classification
Title: smtplib: support for IDN (international domain names)
Type: enhancement Stage:
Components: email, Library (Lib) Versions: Python 3.5
process
Status: open Resolution:
Dependencies: 11783 Superseder:
Assigned To: Nosy List: barry, jesstess, macfreek, r.david.murray, zvyn
Priority: normal Keywords:

Created on 2013-12-28 01:49 by macfreek, last changed 2014-06-12 20:23 by zvyn.

Messages (7)
msg207017 - (view) Author: Freek Dijkstra (macfreek) Date: 2013-12-28 01:49
smtplib has limited support for non-ASCII domain names in the From to To mail address. It only works for punycode-encoded domain names, submitted as unicode string (e.g. server.rcpt(u"user@xn--e1afmkfd.ru").

The following two calls fail:

server.rcpt(u"user@пример.ru"):
  File smtplib.py, line 332, in send
    s = s.encode("ascii")
UnicodeEncodeError: 'ascii' codec can't encode character '\u03c0' in position 19: ordinal not in range(128)
http://hg.python.org/cpython/file/3.3/Lib/smtplib.py#l332

server.rcpt(b"user@xn--e1afmkfd.ru"):
  File email/_parseaddr.py, line 236, in gotonext
    if self.field[self.pos] in self.LWS + '\n\r':
TypeError: 'in <string>' requires string as left operand, not int
http://hg.python.org/cpython/file/3.3/Lib/email/_parseaddr.py#l236

There are three ways to solve this (from trivial to complex):
* Make it clear in the documentation what type of input is expected.
* Accept punycode-encoded domain names in email addresses, either in string or binary format.
* Accept Unicode-encoded domain names, and do the punycode encoding in the smtplib if required.

See also 

References:
https://tools.ietf.org/html/rfc5891: Internationalized Domain Names in Applications (IDNA): Protocol
msg207019 - (view) Author: Freek Dijkstra (macfreek) Date: 2013-12-28 01:53
This issue deals with international domain names in email addresses (the part behind the "@"). See issue 20084 for the issue that deals with the part before the "@".
msg207041 - (view) Author: R. David Murray (r.david.murray) * (Python committer) Date: 2013-12-28 17:46
Thanks for the suggestion.

Once the issue 11783 patch is committed, smtplib can be changed to use formataddr in quoteaddr, which will result in the domain being punycoded automatically.  (It's too bad I forgot about that issue, since the 3.4 beta deadline has already passed :(

The input to the commands is string, not bytes, so you can already pre-encode yourself, as you noted.  The commands don't accept bytes, and should not, since the data they cause to be sent on the wire may not contain non-ASCII characters; there is thus no need to generate binary.  SMTPUTF8 will of course require generating binary data in these contexts, but in that case the correct way to generate the binary is by utf-8 encoding the unicode input, so there will again be no reason for the commands to accept binary input, and it will be better if they don't.  (If you need to generate invalid data, say for a test scenario, you can drop down to executing 'send' calls manually.)

(Note: using the 'u' prefix in python3, while supported for backward compatibility, is only confusing when used outside of that context...I thought you were talking about 2.7 until I read carefully.)
msg207044 - (view) Author: Freek Dijkstra (macfreek) Date: 2013-12-28 19:16
Great to hear that a patch already exists (sorry I couldn't find in in the tracker).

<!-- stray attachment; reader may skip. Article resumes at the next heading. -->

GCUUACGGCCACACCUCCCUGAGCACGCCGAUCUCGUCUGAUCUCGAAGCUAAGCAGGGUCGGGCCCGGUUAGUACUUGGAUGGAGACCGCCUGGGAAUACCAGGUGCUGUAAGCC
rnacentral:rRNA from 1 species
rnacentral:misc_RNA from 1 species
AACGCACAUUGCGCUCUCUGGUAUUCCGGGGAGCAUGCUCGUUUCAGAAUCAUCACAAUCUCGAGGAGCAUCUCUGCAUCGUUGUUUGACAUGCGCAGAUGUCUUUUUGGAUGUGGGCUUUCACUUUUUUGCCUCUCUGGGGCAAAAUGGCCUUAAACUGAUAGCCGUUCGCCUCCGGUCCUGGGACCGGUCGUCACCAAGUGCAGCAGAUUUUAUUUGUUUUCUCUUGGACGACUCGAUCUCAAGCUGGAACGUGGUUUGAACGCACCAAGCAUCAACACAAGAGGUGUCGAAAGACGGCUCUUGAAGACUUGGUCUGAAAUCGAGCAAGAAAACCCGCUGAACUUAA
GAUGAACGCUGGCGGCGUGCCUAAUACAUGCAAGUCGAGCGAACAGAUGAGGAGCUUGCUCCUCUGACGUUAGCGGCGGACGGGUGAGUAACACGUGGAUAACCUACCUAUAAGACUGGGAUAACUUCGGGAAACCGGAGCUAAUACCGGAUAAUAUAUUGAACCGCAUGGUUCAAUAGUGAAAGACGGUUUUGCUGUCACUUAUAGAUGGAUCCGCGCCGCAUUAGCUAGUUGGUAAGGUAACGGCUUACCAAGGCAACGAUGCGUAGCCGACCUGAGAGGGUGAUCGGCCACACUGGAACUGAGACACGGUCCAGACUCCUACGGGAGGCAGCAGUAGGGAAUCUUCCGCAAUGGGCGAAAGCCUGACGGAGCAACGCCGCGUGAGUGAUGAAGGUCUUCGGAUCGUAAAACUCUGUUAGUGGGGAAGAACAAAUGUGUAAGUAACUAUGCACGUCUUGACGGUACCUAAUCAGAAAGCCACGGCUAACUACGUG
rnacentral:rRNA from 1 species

Feel free to close this issue as duplicate of issue 11783.

(As for the u"string", I wanted to distinguish it from b'string'. I don't use it in code (since the backward compatibility is only present in 3.3+, not in 3.2). Sorry for the confusion.)
msg207045 - (view) Author: R. David Murray (r.david.murray) * (Python committer) Date: 2013-12-28 19:18
No, that issue is about the email library.  So we need this one too for the equivalent enhancement to smtplib.
msg207053 - (view) Author: Freek Dijkstra (macfreek) Date: 2013-12-28 20:44
Since smtplib.quoteaddr() uses email.utils.parseaddr(), and the patch for issue 11783 fixes email.utils.parseaddr(), that patch will hopefully solve this issue as well (though a test case wouldn't hurt for sure).

What I had not realised is that hostnames are also used elsewhere, in particular in the ehlo() and helo() but also in connect(). Do you consider that a separate issue or part of this issue?

Are there other places where you think a fix is needed?

I may be able to create a patch, though bear with me: I never checked out the source for Python or the standard library (other than installing point releases through my package manager).
msg207064 - (view) Author: R. David Murray (r.david.murray) * (Python committer) Date: 2013-12-29 02:12
A call to formataddr will need to be added to quoteaddr.  And yes, test cases are needed.

I don't believe that the format of the HELO/EHLO message is defined by the RFC, so I don't think we can automatically parse it.  I think we just have to leave the domain name encoded as punycode there.  Regardless, though, yes I would consider that a separate issue.

If you want to work on a patch, that would be great.  For guidance on doing so, you can take a look at http://docs.python.org/devguide.

You can also help me to remember to commit 11783 after the final release of 3.4.0.
History
Date User Action Args
2014-06-12 20:23:23zvynsetnosy: + jesstess, zvyn
2013-12-29 02:12:48r.david.murraysetmessages: + msg207064
2013-12-28 20:44:17macfreeksetmessages: + msg207053
2013-12-28 19:18:45r.david.murraysetresolution: duplicate ->
messages: + msg207045
2013-12-28 19:16:39macfreeksetresolution: duplicate
messages: + msg207044
2013-12-28 17:46:01r.david.murraysetversions: + Python 3.5
nosy: + barry, r.david.murray

messages: + msg207041

dependencies: + email parseaddr and formataddr should be IDNA aware
components: + email
2013-12-28 01:53:10macfreeksetmessages: + msg207019
2013-12-28 01:49:23macfreekcreate